Pinto Beans | Recipes | Cook For Your Life
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Pinto Beans

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Clock Icon for Prep Time 5 min prep
Clock Icon for Prep Time 45 min total
Person Icon for Serving Size 6 servings
Carrot Icon for Number of Ingredients Size 10 ingredients

This is an easy vegan version of the pinto or “colorada” beans that accompany many Dominican meals. It uses a little smoked paprika to give the pinto beans a rich, almost meaty taste. Although usually...


  • 2 tablespoons olive oil
  • ½ teaspoon whole cumin seeds
  • 1 medium onion, diced
  • 1 large carrot, finely diced
  • 1 celery stalk, finely diced
  • 2 teaspoons chopped fresh oregano
  • ¾ teaspoon smoked paprika, or to taste
  • 4 cups cooked pinto beans, or 2 (14 ounce) cans drained and rinsed (see Chef Tips)
  • Water or stock, as needed
  • Sea salt, to taste
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Nutrition Facts


285 cals


6 g

Saturated Fat

1 g

Polyunsaturated Fat

1 g

Monounsaturated Fat

4 g


45 g


3 g


11 g


15 g


252 mg


  1. Heat the oil in a Dutch oven, or heavy-bottomed pot, over a medium-high heat. Add cumin and let it sizzle for 30 seconds. Add the onion, carrot, celery and oregano. Sprinkle with salt and cook for 2 minutes. Partially cover and turn the heat down to medium-low and sweat for 10 minutes or until they are tender and beginning to caramelize.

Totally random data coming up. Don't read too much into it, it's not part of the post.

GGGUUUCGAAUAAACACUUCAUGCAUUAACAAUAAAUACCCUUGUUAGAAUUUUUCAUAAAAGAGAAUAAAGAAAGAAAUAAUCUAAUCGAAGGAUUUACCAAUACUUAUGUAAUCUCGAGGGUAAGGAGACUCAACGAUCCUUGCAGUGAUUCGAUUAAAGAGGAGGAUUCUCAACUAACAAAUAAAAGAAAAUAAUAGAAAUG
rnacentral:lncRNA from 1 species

2. Add the smoked paprika and cook for 1 minute, stirring to mix.
  3. Add the cooked beans and their liquid, or if using canned, add just enough water to cover. Bring to a boil then reduce to a low simmer and cook, covered for about 30 minutes. Add a little water if the beans look too dry, taste for salt. Serve with Basic Brown Rice or in a burrito.

Chef Tips

Always drain and rinse canned beans before using to get rid of the excess salt.

Registered Dietitian Approved

Our recipes, articles, and videos are reviewed by our oncology-trained dietitians to ensure that each is backed with scientific evidence and follows the guidelines set by the Oncology Nutrition for Clinical Practice, 2nd Ed., published by the Oncology Nutrition Dietetic Practice Group, a professional interest group of the Academy of Nutrition and Dietetics, and the American Institute for Cancer Research and the American Cancer Society